As part of an agenda aimed at combating poverty and income inequality, Gov. Cuomo wants state lawmakers to support spending $40 million on income subsidies to boost employment of black and Latino youth. He has also proposed a college student loan forgiveness program for low-income individuals with high debt.
The two initiatives are part of a broader effort to address what the governor called “stubborn economic and social problems that have persisted for decades,” and includes funding supportive housing and rental assistance for the homeless, developing more affordable housing statewide and bolstering safety net programs.
Given the high unemployment rates for black and Latino young adults, the governor is right to invest resources in helping this population enter the workforce. It also makes sense to help college graduates avoid falling further into debt before they’ve had a chance to establish a career. Of course, the challenge with so many of these kinds of initiatives is scaling them up to meet the need. For example, one could make a valid argument for spending $40 million alone on a jobs program in New York City where we have 170,000 disconnected youth -- men and women between the ages of 18 and 24 who are neither working nor in school.
Missing from the governor’s agenda, however, is an action plan to help some of the neediest young people of our state -- foster care youth – become self-sufficient by obtaining a college degree.
Fostering Youth Success Alliance
This month, my organization issued a report commissioned by the Fostering Youth Success Alliance that proposes ways to help foster youth increase their rates of college enrollment, retention and graduation. It calls for a statewide program to ensure that our foster youth have the necessary financial, educational and social supports to succeed in college.
New York State is home to approximately 20,000 young people living in foster care. In 2012, about 4,000 youth between the ages of 18 and 21 were either still in care or exited the system. The majority of these young people enter adulthood at a significant disadvantage. They must overcome the instability of multiple home and school placements, the lack of emotional and financial support from parents, and the fear of aging out of the foster care system at age 21 with no support system to fall back on.
As a result, they are likely to face significant challenges over their lifetimes in obtaining good paying jobs and escaping lives of poverty and dependency. Our research further suggests that the chances of foster youth completing college is far lower than for public high school graduates in the state overall, and considerably lower than for low-income youth who have not been in foster care.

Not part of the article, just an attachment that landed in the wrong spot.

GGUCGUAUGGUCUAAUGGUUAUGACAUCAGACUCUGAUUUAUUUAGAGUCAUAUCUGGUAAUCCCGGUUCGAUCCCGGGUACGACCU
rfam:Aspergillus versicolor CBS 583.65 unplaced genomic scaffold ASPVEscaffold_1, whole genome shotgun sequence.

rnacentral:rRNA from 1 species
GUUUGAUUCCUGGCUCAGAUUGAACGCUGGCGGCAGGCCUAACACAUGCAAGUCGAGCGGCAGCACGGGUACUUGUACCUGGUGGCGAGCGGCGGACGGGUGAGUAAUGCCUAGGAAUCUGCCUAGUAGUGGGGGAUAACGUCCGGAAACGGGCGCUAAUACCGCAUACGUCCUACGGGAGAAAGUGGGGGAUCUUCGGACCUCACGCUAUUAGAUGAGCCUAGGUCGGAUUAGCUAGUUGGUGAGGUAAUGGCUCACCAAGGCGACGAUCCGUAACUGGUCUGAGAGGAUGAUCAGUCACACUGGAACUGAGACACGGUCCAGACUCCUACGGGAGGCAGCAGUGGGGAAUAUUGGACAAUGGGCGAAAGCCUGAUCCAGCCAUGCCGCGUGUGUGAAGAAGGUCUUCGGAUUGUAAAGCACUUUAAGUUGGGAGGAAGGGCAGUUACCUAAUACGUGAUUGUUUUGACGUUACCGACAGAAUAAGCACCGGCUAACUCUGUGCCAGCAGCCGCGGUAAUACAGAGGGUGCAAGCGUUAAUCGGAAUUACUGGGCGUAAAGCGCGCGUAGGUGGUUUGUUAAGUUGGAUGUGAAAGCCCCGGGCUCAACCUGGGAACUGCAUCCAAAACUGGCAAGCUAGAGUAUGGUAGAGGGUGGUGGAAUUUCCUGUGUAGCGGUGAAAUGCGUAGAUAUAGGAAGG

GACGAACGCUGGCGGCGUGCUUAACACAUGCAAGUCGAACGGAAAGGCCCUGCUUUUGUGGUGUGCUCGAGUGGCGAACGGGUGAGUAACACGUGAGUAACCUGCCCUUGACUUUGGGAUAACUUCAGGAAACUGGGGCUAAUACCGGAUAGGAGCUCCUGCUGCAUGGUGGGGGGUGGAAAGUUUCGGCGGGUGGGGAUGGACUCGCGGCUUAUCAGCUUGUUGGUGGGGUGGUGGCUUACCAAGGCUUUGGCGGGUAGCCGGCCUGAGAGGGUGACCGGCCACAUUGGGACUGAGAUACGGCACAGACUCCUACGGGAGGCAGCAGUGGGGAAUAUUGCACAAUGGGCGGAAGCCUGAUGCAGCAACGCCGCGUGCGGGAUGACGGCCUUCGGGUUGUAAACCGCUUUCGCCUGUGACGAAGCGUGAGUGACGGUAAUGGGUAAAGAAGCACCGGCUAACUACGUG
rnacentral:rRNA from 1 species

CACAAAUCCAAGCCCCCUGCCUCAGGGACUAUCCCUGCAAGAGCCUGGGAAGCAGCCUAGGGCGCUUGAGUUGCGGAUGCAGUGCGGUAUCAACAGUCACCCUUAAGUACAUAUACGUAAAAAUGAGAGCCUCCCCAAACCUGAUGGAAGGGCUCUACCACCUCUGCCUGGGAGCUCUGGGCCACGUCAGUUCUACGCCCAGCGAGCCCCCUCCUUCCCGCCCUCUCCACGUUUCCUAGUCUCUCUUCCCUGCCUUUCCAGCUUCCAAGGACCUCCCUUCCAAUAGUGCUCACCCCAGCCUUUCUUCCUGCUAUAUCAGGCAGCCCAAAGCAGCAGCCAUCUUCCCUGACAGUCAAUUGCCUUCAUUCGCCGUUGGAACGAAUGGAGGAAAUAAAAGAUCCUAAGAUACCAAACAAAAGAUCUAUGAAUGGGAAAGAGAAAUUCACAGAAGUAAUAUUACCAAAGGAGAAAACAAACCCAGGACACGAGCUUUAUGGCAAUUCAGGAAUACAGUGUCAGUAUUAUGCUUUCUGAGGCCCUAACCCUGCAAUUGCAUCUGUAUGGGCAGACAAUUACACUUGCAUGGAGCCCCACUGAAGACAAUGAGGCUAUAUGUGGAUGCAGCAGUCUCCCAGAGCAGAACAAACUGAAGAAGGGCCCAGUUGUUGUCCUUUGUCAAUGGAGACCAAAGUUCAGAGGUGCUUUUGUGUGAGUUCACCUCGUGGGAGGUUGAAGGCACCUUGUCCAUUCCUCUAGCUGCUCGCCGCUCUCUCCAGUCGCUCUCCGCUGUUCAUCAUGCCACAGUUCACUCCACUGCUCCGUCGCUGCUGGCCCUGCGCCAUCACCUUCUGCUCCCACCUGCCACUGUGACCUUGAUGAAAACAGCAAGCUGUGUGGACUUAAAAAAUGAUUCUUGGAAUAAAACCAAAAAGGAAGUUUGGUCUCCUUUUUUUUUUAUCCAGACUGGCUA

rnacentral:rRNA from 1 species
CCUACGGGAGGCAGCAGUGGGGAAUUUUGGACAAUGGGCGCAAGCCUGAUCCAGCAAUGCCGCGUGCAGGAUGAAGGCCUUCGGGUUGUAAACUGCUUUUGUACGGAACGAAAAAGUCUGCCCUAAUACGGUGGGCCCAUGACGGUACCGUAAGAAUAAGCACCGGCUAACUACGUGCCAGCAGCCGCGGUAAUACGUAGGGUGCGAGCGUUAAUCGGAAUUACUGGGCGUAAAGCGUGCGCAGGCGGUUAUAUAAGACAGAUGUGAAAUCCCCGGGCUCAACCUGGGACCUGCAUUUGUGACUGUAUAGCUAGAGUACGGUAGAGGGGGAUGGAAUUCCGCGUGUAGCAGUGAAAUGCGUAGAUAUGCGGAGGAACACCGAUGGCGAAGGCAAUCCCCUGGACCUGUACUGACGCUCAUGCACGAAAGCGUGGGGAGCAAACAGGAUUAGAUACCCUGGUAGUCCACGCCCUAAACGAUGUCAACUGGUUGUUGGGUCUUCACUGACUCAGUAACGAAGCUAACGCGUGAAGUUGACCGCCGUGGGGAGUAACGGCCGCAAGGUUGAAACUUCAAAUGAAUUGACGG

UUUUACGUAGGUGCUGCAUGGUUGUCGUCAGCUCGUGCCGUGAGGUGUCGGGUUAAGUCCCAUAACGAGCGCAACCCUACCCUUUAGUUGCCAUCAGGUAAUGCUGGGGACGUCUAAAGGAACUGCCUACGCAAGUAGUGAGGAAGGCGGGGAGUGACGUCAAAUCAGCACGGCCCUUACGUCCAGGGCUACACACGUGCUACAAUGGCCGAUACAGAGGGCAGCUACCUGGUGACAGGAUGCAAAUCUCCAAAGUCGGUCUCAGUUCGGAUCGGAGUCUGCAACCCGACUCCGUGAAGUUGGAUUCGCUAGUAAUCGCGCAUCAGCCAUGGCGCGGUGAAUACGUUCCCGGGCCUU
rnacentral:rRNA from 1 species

Consider the story of Mary Brown, 27, who was raised in foster care. From age 12 until she aged out of foster care Mary lived in various groups homes. After graduating from high school in 2006, she enrolled in John Jay College for Criminal Justice. However, she dropped out after completing three semesters. Paying for college was not the reason; as a foster child Mary was able to access enough aid to attend college. Instead, she was concerned about where she would live and how she would support herself once she aged out of foster care.
“I heard a lot of horror stories about what happens to people who age out of foster care. That they wind up in shelters or homeless. I was thinking about that more than my classes,” said Mary, who re-enrolled in Bronx Community College and hopes to earn her associate degree in 2016.
Reversing a Dismal Trend
Adulthood outcomes for foster youth who don’t have the opportunity to enroll in college are bleak. About a quarter of foster youth will experience homelessness within the first four years of aging out of the system. Only half will be employed by age 24. And within two years of exiting foster caser one in four will have some experience with the criminal justice system.
New York has an opportunity to reverse this trend. In states across the nation, universities, child welfare advocates, and state legislatures have worked together to ensure foster youth have what they need to succeed in college. New York should follow suit by funding a College Success Initiative for its foster youth. This initiative should guarantee that every foster youth has the information, financial aid, and on campus supports they need to enroll in and thrive at college. At the core of this program should be a strong advisement or coaching component so every foster youth has a resource to assist them with the unique challenges of being a foster youth in college. For a relatively small cost, the benefits to these young people would be immense. The increased tax revenue and decreases in public expenditures would save the state millions of dollars. And the whole state benefits when more of our young people are able to obtain college degrees, and thereby find better paying jobs.